Attention America's Pooches: Get ready for your close-up.
Want to shoot a dog? Try these tips from canine specialist Jeff Moore:
Make 'em comfortable.
"I let them know I'm not the vet." Avoid reaching and grabbing.
Smell and lick.
Let them do it to the camera, that is.
Make eye contact. Play. Talk.
Have no shame.
Make kissing sounds, baby talk, funny sounds.
"Most of my shots are done with a short, 24-70mm lens," says Moore. "A wide-angle shot isn't always flattering, but dogs don't care if you make them look bad."
Moore uses flash, but he doesn't spring it on his subjects. "I pop the lights again and again before I even start shooting. You can get to the point where the dog doesn't even notice it."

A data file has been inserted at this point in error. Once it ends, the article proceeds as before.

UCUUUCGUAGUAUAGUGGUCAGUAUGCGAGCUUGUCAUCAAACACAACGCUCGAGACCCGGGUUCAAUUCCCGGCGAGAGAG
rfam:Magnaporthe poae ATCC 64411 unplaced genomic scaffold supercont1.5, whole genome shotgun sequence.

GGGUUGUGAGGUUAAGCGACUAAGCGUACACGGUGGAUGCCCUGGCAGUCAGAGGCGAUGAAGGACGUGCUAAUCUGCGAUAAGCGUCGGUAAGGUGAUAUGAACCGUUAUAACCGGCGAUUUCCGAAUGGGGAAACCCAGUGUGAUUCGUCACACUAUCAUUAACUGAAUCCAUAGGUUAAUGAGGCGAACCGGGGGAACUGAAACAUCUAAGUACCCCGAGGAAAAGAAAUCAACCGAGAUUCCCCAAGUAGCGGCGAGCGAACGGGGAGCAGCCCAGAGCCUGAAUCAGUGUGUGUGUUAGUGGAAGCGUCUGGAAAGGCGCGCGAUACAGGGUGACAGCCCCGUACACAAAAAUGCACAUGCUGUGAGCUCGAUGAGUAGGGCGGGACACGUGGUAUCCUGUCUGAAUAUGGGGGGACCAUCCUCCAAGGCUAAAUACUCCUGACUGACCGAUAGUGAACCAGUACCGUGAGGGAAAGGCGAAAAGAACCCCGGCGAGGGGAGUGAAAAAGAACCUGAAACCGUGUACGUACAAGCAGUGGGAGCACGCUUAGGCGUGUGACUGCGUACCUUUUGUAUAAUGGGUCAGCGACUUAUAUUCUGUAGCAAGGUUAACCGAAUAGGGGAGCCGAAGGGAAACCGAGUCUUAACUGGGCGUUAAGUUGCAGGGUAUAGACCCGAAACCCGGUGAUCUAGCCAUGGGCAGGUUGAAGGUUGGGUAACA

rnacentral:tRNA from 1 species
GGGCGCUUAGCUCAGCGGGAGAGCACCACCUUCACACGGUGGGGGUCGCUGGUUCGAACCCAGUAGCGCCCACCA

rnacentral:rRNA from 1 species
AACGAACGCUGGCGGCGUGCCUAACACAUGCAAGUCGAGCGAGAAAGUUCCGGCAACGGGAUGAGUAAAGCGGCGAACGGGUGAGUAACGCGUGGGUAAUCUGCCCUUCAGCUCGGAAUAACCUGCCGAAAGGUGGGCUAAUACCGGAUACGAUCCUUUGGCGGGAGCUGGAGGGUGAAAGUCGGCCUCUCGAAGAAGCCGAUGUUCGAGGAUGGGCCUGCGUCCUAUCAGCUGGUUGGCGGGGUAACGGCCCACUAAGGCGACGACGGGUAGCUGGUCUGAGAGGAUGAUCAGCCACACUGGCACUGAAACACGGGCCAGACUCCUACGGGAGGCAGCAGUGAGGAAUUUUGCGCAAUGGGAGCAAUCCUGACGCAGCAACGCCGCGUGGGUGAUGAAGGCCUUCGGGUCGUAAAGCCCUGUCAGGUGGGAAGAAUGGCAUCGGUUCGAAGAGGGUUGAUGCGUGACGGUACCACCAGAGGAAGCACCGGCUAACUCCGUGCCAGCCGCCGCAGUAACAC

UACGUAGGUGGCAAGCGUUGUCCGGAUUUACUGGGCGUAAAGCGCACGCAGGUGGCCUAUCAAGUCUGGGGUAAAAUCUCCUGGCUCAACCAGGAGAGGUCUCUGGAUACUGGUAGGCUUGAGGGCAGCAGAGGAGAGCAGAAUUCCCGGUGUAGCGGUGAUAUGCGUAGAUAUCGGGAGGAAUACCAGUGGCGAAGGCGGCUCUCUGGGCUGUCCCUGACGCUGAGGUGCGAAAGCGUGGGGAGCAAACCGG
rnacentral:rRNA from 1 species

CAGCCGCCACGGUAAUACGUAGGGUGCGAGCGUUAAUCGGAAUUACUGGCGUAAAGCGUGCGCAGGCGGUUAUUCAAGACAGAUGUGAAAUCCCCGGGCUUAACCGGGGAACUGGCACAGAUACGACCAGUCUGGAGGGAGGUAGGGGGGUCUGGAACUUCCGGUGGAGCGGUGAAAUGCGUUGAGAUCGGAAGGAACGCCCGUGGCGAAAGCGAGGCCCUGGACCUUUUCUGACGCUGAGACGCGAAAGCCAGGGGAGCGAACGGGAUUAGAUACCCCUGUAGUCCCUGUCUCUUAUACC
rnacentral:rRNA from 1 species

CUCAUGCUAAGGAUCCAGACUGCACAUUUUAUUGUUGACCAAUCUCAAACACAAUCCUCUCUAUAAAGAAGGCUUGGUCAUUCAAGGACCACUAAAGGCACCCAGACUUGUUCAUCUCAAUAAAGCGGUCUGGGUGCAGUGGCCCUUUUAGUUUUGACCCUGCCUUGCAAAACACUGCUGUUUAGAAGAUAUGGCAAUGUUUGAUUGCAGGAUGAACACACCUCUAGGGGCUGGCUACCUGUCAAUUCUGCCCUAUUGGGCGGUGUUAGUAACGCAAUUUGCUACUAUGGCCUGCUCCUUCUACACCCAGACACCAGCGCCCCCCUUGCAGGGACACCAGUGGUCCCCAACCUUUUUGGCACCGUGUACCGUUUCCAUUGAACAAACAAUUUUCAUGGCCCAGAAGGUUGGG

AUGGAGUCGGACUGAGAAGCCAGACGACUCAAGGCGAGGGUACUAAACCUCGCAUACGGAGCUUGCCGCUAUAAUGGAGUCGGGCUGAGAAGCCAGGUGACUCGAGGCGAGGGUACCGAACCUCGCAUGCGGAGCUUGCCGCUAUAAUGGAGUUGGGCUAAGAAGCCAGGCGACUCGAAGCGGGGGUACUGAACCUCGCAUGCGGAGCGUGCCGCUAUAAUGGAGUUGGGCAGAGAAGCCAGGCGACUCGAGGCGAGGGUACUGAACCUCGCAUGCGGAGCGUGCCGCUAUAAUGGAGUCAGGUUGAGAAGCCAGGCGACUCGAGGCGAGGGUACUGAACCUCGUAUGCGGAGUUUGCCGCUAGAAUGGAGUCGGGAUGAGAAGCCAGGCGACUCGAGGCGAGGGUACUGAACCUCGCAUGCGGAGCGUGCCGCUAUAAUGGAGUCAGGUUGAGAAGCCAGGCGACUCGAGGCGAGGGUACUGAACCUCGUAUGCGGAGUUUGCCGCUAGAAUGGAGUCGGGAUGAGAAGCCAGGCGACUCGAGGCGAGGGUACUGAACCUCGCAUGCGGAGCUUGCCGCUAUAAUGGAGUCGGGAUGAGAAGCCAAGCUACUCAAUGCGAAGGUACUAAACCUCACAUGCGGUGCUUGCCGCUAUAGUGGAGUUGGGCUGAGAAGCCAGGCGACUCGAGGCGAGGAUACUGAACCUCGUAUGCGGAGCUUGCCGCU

Focus on the eyes.
Keep them sharp. It's essential.
Some dogs freak when you put the camera to your face. Moore's technique? He turns the camera for a vertical shot, moves the AF point to three-quarters up the screen, and fires from the hip. With the AF point in that position, the dog's eyes will be in focus.
"Dogs, like kids, don't have much of an attention span," Moore says.